- Message-Driven Bean Logical Component Architecture
- Message-Driven Bean Client Interfaces
- Message-Driven Bean Configuration and Deployment
Message-Driven Bean Client Interfaces
The client of a message-driven bean does not know that an EJB will actually handle the message on the receiving end. Instead, a message-driven bean client is constructed exactly in the manner in which a regular JMS client is constructed.
Message-Driven Bean Client Interface Logical Architecture
The core architecture behind JMS is depicted in Figure 4. Here we see that the Java Naming and Directory Interface (JNDI) is used to create an initial context to a JMS connection factory that is then used to create connections to JMS-based service providers. Given a JMS connection, a particular session context can be retrieved to create message producers and message consumers. In the case of message-driven bean clients, they are actually producers of the messages that will be received by the message-driven bean (that is, the message consumer).
Figure 4 The JMS core architecture.
Point-to-Point Message-Queuing Model
Figure 5 depicts the basic JMS architecture elements that support point-to-point message queuing. The message-queuing architecture is really an extension of the core JMS architecture with features to specifically implement message-queuing behavior. Connection factories, connections, sessions, message producers, message consumers, and endpoint destinations are all extended with point-to-point message-queuing model interfaces.
Figure 5 JMS point-to-point message queuing.
JMS clients use JNDI to obtain an initial reference to a named QueueConnectionFactory object. One of the QueueConnectionFactory.createQueueConnection() methods is used to create an instance of a QueueConnection object. The createQueueConnection() method can be called with a username and password or by using the parameterless version of the method with a default user identity assumed.
The QueueConnection interface is a type of Connection interface that represents a connection to a JMS point-to-point messaging queue service. The createQueueSession() method is called by JMS clients to create a QueueSession instance. Whether transactions are to be implemented by the QueueSession object is designated by a boolean parameter to createQueueSession(). Also, the acknowledgment mode is specified in the call to createQueueSession() using one of the static session identifiers, such as Session.AUTO_ACKNOWLEDGE, Session.CLIENT_ACKNOWLEDGE, or Session.DUPS_OK_ACKNOWLEDGE.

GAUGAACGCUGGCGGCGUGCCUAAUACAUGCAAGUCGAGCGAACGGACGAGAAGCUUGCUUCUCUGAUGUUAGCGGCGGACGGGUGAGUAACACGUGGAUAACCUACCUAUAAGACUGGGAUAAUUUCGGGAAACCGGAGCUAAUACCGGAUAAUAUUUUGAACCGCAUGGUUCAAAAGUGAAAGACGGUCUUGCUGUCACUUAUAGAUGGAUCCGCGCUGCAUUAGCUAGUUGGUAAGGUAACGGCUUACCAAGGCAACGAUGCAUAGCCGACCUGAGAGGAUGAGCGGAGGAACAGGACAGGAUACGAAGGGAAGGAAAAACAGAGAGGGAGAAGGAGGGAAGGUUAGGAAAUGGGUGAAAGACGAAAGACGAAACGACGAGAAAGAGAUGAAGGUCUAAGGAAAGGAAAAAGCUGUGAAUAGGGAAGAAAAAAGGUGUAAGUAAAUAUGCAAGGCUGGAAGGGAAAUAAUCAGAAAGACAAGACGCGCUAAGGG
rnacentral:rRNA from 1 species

QueueSession.createQueue() creates an instance of a Queue object given a provider-specific name for that queue. The Queue interface encapsulates an interface to a queue destination using JMS's point-to-point messaging queue model and has a getQueueName() method to return the queue name.
The QueueSession.createSender() method creates a QueueSender message producer that is used to send messages to a Queue. Messages can be sent to a Queue using the various QueueSender.send() methods. Variations of these methods enable the delivery of messages to the QueueSender object's associated Queue or to a newly specified Queue object passed to the send() method. Delivery modes, priorities, and time to live for a message can also be specified during calls to QueueSender.send(). Messages to send to a Queue can be created using the various message-creation methods defined on the Session interface from which QueueSession extends.
Figure 6 depicts the basic JMS architecture elements that support publish-subscribe messaging. The publish-subscribe messaging architecture is also an extension of the core JMS architecture with features specialized to suit a publish-subscribe messaging model. Connection factories, connections, sessions, message producers, message consumers, and endpoint destinations are all extended with publish-subscribe message model interfaces.
Figure 6 JMS publish-subscribe messaging.
JMS clients use JNDI to obtain an initial reference to a named TopicConnectionFactory object. The TopicConnectionFactory.createTopicConnection() methods are used to create an instance of a TopicConnection object. The createTopicConnection() method can be called with a username and password or by using the parameterless version of the method with a default user identity assumed.
The TopicConnection interface is a type of Connection interface that represents a connection to a JMS publish-subscribe messaging service. The createTopicSession() method is called by JMS clients to create a TopicSession instance. Session transactions and acknowledgment mode are also established during the creation of a TopicSession.
TopicSession.createTopic() creates an instance of a Topic object, given a provider-specific name for a topic. The Topic interface encapsulates a topic destination to which publishers publish messages and from which subscribers subscribe to receive messages. Different service providers implement a hierarchy of topic names differently, but a Topic.getTopicName() can be used to obtain the String representation of the topic.
The TopicSession.createPublisher() method creates a TopicPublisher message producer that is used to publish messages to a particular Topic. Messages can be published to a Topic using the various TopicPublisher.publish() methods. Variations of these methods enable publishing of messages to a TopicPublisher object's associated Topic or to a newly specified Topic object passed to the publish() method. Delivery modes, priorities, and time to live for a message can also be specified during calls to TopicPublisher.publish(). Messages to publish to a Topic can be created using the various message-creation methods defined on the Session interface from which TopicSession extends.